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This Gay Republican keeps making excuses for the Colorado GOP’s homophobia

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instagram @logcabinhq; Frontpage/Shutterstock

The head of Colorado's Log Cabin Republicans, Valdamar Archuleta, is defending the GOP chair who sent a campaign email calling LGBTQ+ people "godless groomers."

A gay Republican is standing by his party after the Colorado GOP called LGBTQ+ people "godless groomers."

The state's GOP recently sent out a campaign email that referred to the queer community as "barbaric," "creeps," “degenerates,” "godless," "groomers," "predators," “radicals,” and “reprobates." The message also linked to a sermon from Pastor Mark Driscoll, which proclaimed in the video thumbnail "God hates flags," wordplay on a popular conservative slogan that uses a derogatory slur.

"The month of June has arrived and, once again, the godless groomers in our society want to attack what is decent, holy, and righteous so they can ultimately harm our children," the email stated

The head of Colorado's Log Cabin Republicans, Valdamar Archuleta, has since defended GOP Chair Dave Williams, who sent the email, telling Denver journalist Kyle Clark that he believes Williams was just trying to mimic former president Donald Trump's personality.

"I do not think Dave hates me because I'm gay. I don't think that Dave is a homophobic person," Archuleta said. "What he said in that email was, but he as a person I don't believe is. He's trying to get a reaction."

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Archuleta, who has renounced the party's endorsement for his race in Colorado's first congressional district, added that the party's messaging hurts candidates like himself running in blue districts, or districts that could go either way. His "primary concern" was not the harm done to LGBTQ+ people, but the fact that the message "does not represent the party well."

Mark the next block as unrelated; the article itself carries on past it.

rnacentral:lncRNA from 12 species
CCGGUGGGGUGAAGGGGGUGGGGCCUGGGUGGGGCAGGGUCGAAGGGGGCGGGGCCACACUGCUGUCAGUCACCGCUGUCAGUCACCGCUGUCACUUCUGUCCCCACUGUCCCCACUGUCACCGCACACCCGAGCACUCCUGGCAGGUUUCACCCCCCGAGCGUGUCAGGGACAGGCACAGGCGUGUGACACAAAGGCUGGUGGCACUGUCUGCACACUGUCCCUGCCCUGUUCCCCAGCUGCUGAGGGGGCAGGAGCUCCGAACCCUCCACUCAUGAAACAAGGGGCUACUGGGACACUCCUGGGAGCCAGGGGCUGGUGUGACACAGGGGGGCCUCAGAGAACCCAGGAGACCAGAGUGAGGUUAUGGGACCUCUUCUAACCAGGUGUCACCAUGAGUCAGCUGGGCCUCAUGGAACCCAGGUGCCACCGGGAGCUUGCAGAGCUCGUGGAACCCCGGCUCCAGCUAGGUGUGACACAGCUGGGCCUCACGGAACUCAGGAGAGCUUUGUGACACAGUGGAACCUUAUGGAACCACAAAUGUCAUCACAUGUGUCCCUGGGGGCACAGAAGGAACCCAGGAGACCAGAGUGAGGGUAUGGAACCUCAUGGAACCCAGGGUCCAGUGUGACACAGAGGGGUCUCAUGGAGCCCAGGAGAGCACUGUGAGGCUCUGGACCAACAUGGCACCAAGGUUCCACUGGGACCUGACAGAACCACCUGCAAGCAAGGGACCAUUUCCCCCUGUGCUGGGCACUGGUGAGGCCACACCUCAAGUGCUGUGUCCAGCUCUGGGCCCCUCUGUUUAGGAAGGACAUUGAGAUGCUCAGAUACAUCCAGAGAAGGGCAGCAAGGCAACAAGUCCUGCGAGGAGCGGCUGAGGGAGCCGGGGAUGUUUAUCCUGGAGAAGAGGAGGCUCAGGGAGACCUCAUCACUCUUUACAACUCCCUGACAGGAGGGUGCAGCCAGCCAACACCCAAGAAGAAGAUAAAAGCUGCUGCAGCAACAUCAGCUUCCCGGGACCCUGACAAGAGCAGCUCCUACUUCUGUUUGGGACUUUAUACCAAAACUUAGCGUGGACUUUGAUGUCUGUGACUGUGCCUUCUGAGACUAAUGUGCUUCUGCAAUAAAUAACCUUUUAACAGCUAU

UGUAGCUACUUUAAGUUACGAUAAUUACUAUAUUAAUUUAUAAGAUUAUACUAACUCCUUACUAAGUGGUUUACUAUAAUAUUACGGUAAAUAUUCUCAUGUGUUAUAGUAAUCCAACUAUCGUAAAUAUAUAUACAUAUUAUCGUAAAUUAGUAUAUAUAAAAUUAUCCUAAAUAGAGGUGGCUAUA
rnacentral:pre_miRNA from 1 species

"It's bad optics. ... That's something that I think that the Christian community should look at, especially with Republicans, and they should be offended," he said.

When asked if he would consider leaving the party due to homophobia, Archuleta said "I would leave," but only "if it did get to the point where I felt like this was something that was widespread throughout the community of Republicans."

More than 550 anti-LGBTQ+ bills were introduced across the U.S. in 2023, and 80 were passed into law, according to the American Civil Liberties Union. Just halfway through 2024, 515 anti-LGBTQ+ bills have been introduced, with 34 passed into law, the overwhelming majority introduced and approved by Republicans.

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Ryan Adamczeski

Ryan is a staff writer at The Advocate, and a graduate of New York University Tisch's Department of Dramatic Writing, with a focus in television writing and comedy. She first became a published author at the age of 15 with her YA novel "Someone Else's Stars," and is now a member of GALECA, the LGBTQ+ society of entertainment critics. In her free time, Ryan likes watching New York Rangers hockey, listening to the Beach Boys, and practicing witchcraft.
Ryan is a staff writer at The Advocate, and a graduate of New York University Tisch's Department of Dramatic Writing, with a focus in television writing and comedy. She first became a published author at the age of 15 with her YA novel "Someone Else's Stars," and is now a member of GALECA, the LGBTQ+ society of entertainment critics. In her free time, Ryan likes watching New York Rangers hockey, listening to the Beach Boys, and practicing witchcraft.